1017 posts • joined 30 Jan 2010
Bernie is the problem
I feel that Bernie is the major problem with F1. This year, more than ever, costs in the sport have been high on the agenda and I've been amazed at how much power Bernie has in the sport and how much money he sucks out.
Stop Bernie sucking the life out of the sport and distribute all the media money move evenly between the teams. Then the smaller teams stand a chance of putting up more of a fight to the bigger teams. (But massive credit to the smaller teams for being where they are right now) Make the prize money the differentiator between first and last, not some secretive gentlemans club.
Oh - and someone give Christian Horner & Red Bull a slap and tell them to stop being so childish: "We're not winning any more so we want the rules changed". Pathetic.
Re: Anyone completed the F1 Drivers survey here...
I'be managed to complete it fine. It's quite long, but it does allow you to comment on most aspects of F1. The only thing it doesn't allow you to comment on is Bernie sucking so much money out of the sport.
Re: Company selling compute in shock promotion of higher compute requirements
Not given the cost of a context-switch on an x86-type CPU
Can you expand on that? Surely both containers and VMs incur context switches somewhere along the line? Are you saying that trapping all the way out to the hypervisor and back to kernel space is a heavy cost compared to switching between processes in the same kernel?
Re: Company selling compute in shock promotion of higher compute requirements
But don't containers exist because their overhead is much lower than a full blown VM? If Intel can provide the added isolation of a VM but with the lower overhead of a container, isn't that a good thing?
Adopt a (British) Kiosk
Unfortunately, the BT website says only charities or councils can adopt phone kiosks.
..given our history as a natural and willing wholesaler, enabling other companies to use the networks we own.
If they were so willing, why does OFCOM have to force them to offer the service?
If they are so willing, why are they kicking up a fuss about sharing their fibre network.?
I'm pretty sure they don't - did you receive a call?
Yep, from someone claiming to be from "The Register" wanting to send me some white papers. (Number withheld...)
El Reg Cold Call
I didn't think El Reg undertook cold calling of its commentards...?
So 'ownership' is fleeting..
There's your mistake. In the DRM world, you no longer own anything. All you are given is a license to view/use the product for as long as the vendor allows you to. This is regardless of how long *You* think you're allowed to use the product for.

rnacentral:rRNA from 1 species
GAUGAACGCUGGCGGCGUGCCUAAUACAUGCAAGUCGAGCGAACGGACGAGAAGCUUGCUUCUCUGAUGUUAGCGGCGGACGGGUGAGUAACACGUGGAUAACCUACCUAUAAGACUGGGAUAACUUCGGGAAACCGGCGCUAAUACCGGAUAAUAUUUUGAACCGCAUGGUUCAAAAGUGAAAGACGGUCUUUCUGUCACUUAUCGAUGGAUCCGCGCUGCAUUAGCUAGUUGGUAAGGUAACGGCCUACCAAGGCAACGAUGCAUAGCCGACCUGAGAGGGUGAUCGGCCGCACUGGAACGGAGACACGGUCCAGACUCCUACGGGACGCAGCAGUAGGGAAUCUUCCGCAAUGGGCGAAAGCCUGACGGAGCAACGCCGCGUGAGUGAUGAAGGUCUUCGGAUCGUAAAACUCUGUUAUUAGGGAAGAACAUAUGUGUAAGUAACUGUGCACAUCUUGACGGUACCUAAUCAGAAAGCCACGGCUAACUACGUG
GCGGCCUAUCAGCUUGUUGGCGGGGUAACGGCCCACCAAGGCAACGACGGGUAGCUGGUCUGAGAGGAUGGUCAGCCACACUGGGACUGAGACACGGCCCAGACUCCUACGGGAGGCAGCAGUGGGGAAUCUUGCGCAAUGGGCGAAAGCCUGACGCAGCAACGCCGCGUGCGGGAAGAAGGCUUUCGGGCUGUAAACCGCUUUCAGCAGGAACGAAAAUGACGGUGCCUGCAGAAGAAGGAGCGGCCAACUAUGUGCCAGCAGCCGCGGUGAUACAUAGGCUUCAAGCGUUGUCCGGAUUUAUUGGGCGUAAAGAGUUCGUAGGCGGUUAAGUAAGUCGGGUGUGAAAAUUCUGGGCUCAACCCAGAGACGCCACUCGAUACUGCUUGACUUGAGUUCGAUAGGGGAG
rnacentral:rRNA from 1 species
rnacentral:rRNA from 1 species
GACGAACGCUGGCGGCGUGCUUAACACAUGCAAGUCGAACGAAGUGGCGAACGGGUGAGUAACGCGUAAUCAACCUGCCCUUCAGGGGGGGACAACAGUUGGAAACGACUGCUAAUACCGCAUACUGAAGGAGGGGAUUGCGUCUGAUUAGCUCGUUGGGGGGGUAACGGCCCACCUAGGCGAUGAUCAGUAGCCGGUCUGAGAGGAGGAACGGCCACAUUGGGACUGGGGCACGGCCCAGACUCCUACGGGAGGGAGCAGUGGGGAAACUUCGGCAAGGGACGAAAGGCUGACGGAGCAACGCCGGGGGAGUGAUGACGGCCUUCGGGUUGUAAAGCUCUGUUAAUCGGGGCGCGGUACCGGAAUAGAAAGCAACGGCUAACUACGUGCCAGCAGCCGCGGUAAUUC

For any new build installation (e.g. new housing estate) Openreach should be made to deploy FTTP. Let's at least make a start on this.
Re: If the board of BT plc won't invest in a demerged Openreach....
I think a de-merged Openreach would be fantastic. The only question I'd have is: How would you prevent the company sweating the existing assets and not investing any money? Make it a non-profit? Put a cap on the profits they can make?
Faster than light travel
Faster-than-light is easy if you slow the photons down.
The cosmological speed limit is the speed of light in a vacuum. Light traveling through different mediums can be slower. Going faster than that lower speed is entirely possible. The blue glow (called Cherenkov radiation) when radioactive material is underwater is the equivalent of a sonic boom when particles are traveling faster than light.
Re: Won't work in England.
Why does the lorry need cameras to read the speed limit signs? Lorries only know two speeds: Stop and 56MPH. I've never seen a lorry do 50MPH in a 50MPH zone in the UK.
Yes, I've had lorries intimidate me because I dared to do the speed limit. This intimidation including ramming my car. Were the Police interested? Like f**k they were.
Are there any lorry drivers who know what 50MPH is, as I've yet to meet them on the UK roads.
I seem to be the lone person totally indifferent to it.
Nope, you're not alone...
Great, we all want 5G mobile broadband.
Um, if you read the comments section here on El Reg, I think many people would be happy with a reliable and ubiquitous 2G GSM signal first.
The fear of tracking is what's delayed this.
Re: Anyone else wonder...
why the *EU* is trying to mandate this?
Maybe to try and help save lives?
Is it a free-trade issue? Required for international cooperation? Are some countries put at a disadvantage due to the imbalance of car sim devices?
One possibility is that by all EU countries having the same system, manufacturers can keep costs down ?
What number are they going to dial?
RTFA - 112
Who exactly are they going to report to?
Whoever answers 112!
Along with the sim device, will they need a GPS?
Unknown: But mobile phone networks can do a fair job of triangulating your position. Granted, it's not as accurate as GPS, but it'll get you close.
If you're on the Belgian side of the border but nearer a French hospital, who's going to help?
This has nothing to do with hospitals. It has everything with getting help (e.g. the police) out to asses the situation and call on whatever aid is required.
As to the point about picking up the wrong country's mobile network when near to a border: I suspect the authorities already have procedures in place for handling this: These devices aren't going to be the first to dial 112 near a national border on a mobile phone.
I see feature creep in the future.
On this point, I can agree with you.
And who said science was dull?
In future El Reg, could we have a label on an article when it's just an advertorial rather than a genuine article?
Re: Powershell - I knew it well